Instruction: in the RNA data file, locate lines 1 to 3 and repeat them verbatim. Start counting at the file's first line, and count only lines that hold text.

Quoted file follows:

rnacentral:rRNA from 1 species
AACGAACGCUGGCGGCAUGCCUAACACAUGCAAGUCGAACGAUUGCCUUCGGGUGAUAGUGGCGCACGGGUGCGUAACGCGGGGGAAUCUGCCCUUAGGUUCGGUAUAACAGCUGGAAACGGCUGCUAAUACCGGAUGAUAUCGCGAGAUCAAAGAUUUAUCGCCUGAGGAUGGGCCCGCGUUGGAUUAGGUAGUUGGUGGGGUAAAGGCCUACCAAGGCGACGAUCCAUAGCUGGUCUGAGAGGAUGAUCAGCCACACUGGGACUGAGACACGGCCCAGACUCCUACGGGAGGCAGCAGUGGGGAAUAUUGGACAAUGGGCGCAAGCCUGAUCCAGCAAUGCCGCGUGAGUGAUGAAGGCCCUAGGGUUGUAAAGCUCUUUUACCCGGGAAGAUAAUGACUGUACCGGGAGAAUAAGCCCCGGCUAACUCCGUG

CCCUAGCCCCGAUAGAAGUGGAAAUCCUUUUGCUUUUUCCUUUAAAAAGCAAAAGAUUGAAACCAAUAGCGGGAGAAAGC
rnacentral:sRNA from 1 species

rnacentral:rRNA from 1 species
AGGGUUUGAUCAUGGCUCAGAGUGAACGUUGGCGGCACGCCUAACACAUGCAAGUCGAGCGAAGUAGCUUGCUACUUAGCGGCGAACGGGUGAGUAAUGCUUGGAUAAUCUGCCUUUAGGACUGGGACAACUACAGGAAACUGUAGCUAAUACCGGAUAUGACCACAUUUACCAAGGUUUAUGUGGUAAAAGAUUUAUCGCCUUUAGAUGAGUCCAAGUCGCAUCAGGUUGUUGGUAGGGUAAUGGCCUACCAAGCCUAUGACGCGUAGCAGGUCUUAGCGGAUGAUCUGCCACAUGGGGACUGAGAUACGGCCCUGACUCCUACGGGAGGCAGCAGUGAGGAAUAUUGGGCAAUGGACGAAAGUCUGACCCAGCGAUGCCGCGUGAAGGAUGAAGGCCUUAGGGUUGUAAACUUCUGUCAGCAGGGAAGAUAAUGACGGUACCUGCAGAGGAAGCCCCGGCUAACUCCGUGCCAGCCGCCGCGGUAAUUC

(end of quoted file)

rnacentral:rRNA from 1 species
AACGAACGCUGGCGGCAUGCCUAACACAUGCAAGUCGAACGAUUGCCUUCGGGUGAUAGUGGCGCACGGGUGCGUAACGCGGGGGAAUCUGCCCUUAGGUUCGGUAUAACAGCUGGAAACGGCUGCUAAUACCGGAUGAUAUCGCGAGAUCAAAGAUUUAUCGCCUGAGGAUGGGCCCGCGUUGGAUUAGGUAGUUGGUGGGGUAAAGGCCUACCAAGGCGACGAUCCAUAGCUGGUCUGAGAGGAUGAUCAGCCACACUGGGACUGAGACACGGCCCAGACUCCUACGGGAGGCAGCAGUGGGGAAUAUUGGACAAUGGGCGCAAGCCUGAUCCAGCAAUGCCGCGUGAGUGAUGAAGGCCCUAGGGUUGUAAAGCUCUUUUACCCGGGAAGAUAAUGACUGUACCGGGAGAAUAAGCCCCGGCUAACUCCGUG

CCCUAGCCCCGAUAGAAGUGGAAAUCCUUUUGCUUUUUCCUUUAAAAAGCAAAAGAUUGAAACCAAUAGCGGGAGAAAGC